Protecting Rare Book Collections
Rare Books are made of organic materials that require special care and consideration. Below are a few tips we recommend to protect your Rare Book Collection.
- Avoid exposing books to excessive amounts of light. Keep lights turned off in rooms that aren’t being used and block daylight.
- Avoid rapid changes or extremes in temperature and humidity. Hot, dry conditions will damage letter and paper over time while damp conditions encourage mold growth. Do not store books near sources of heat and avoid placing bookshelves against outside walls. The American Institute for Conservation of Historic and Artistic Works recommends 70 degrees Fahrenheit and 50 percent relative humidity.[i]
- Make sure to store books on shelves squarely upright and firmly supported by neighboring books or bookends. Bookend should be smooth so as not to damage books. Avoid packing them so tightly that they cannot be removed. Oversized books are best laid horizontally.[ii]
- Consider using white gloves to handle rare books in order to avoid staining over time from the oils on your hand.
- When removing a book from a shelf, gentle push the books on either side of the book inward so that you can get a firm grasp on the center of the spine. Keep one hand underneath the book in case it is heavier than thought so as not to drop the book.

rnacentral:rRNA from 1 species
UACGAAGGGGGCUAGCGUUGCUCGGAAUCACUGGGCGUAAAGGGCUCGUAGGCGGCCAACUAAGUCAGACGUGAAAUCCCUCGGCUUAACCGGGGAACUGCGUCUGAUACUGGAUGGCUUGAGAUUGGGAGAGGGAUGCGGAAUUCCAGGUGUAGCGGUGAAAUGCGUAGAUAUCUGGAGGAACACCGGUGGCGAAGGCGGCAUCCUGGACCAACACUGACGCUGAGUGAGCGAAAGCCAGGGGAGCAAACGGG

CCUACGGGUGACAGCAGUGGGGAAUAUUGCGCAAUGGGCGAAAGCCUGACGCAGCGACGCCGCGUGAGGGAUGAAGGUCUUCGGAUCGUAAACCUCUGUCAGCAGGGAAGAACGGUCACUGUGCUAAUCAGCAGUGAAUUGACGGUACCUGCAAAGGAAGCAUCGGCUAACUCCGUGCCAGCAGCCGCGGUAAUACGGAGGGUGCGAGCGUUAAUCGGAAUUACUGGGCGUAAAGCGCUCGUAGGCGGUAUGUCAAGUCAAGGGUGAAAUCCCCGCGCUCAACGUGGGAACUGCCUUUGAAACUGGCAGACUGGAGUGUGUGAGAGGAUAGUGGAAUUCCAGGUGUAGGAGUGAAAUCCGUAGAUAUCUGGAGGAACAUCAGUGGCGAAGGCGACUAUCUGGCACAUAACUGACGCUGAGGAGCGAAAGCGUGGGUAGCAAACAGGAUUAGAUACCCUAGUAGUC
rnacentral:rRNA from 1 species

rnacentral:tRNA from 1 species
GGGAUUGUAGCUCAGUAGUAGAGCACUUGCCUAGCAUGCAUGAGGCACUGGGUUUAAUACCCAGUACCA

- Opening a book completely on a flat surface can be damaging to the spine and joints. It is recommended to put supports on either side of the book such as a rolled up towels in order to avoid unnecessary strain on the book.[iii]
- Avoid storing books in basements, garages and attics and these spaces if not properly controlled can cause mold damage.
- For long term storage it is best to books upright as if they were standing on the shelf. They should support each other and not be packed too tightly or loosely.
- When packing for shipping it is best to wrap each book in acid-free tissue and place them between two archival boards so that they do not shift in transit.[iv] Each book can then be wrapped in a material such as bubble wrap for extra protection. It is best to ship books upright as if they were sitting on the shelf whenever possible.[v]
- When packing them in a box, fill any voids with a material such as bubble wrap to limit movement. You might consider double boxing the books for added protection and do not pack multiple books so that they are heavier than one person could lift.[vi]
- For high value books it is recommended to use a fine art shipper. Conduct a page count in front of the shipper and have the shipper do this in front of the recipient and sign off on that page count in writing.
- Be sure to lay out your display or booth is such a way that you can see all of the books so that no one can walk away with a book. Always be aware of your space.
- Have extra pairs of white gloves on hand for patrons to use. When possible handle books on behalf of patrons in order to avoid damages.
Be proactive! Develop a plan, and execute!
[i] AIC, American Institute for Conservation of Historic and Artistic Works, “Caring for Your Treasures,” http://www.conservation-us.org/docs/default-source/public-relations/books.pdf
[iii] Met, Metropolitan Museum of Art, “Protecting Your Traveling Books,” http://www.metmuseum.org/blogs/in-circulation/2017/traveling-books
[v] NEDCC, Northeast Document Conservation Center, “Packing and Shipping Paper Artifacts,” https://www.nedcc.org/working-with-nedcc/packing-and-shipping-paper-artifacts